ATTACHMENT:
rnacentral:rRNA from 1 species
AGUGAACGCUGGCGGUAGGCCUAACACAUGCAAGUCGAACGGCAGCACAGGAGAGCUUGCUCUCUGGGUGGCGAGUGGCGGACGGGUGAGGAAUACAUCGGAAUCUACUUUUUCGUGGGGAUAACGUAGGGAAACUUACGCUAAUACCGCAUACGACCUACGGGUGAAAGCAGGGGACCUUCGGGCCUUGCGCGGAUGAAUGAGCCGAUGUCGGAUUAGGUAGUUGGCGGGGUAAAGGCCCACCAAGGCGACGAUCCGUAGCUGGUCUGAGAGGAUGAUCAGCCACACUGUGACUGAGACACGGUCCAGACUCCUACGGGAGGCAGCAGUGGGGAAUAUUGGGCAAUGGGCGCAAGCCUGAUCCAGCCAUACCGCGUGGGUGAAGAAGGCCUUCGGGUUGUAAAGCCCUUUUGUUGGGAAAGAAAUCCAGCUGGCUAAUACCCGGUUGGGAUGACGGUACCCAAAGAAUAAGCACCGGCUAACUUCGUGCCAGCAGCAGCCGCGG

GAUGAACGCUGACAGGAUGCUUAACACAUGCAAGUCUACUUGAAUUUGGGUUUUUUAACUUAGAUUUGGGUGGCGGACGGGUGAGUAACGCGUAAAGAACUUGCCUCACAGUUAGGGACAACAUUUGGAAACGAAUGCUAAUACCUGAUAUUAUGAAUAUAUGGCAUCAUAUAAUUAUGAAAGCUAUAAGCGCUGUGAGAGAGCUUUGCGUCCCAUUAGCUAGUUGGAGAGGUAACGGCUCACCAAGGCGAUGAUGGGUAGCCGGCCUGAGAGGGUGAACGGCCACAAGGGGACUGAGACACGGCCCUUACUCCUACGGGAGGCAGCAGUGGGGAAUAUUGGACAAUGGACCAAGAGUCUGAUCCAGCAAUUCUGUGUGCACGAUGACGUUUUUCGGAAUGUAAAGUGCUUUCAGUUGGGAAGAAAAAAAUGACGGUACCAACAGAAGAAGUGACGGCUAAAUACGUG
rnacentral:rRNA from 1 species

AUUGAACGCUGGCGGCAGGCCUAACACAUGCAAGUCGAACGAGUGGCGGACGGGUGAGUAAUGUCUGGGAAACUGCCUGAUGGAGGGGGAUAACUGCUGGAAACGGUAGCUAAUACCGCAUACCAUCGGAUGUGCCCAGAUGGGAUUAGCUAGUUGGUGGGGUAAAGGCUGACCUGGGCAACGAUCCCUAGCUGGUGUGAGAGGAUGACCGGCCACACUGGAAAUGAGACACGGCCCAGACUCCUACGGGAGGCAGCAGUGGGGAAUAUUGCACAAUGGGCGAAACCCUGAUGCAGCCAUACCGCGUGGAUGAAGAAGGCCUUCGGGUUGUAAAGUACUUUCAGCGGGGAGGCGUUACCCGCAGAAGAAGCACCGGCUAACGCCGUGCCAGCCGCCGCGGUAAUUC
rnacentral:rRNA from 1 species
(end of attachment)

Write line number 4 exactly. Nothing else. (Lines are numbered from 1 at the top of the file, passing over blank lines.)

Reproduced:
rnacentral:rRNA from 1 species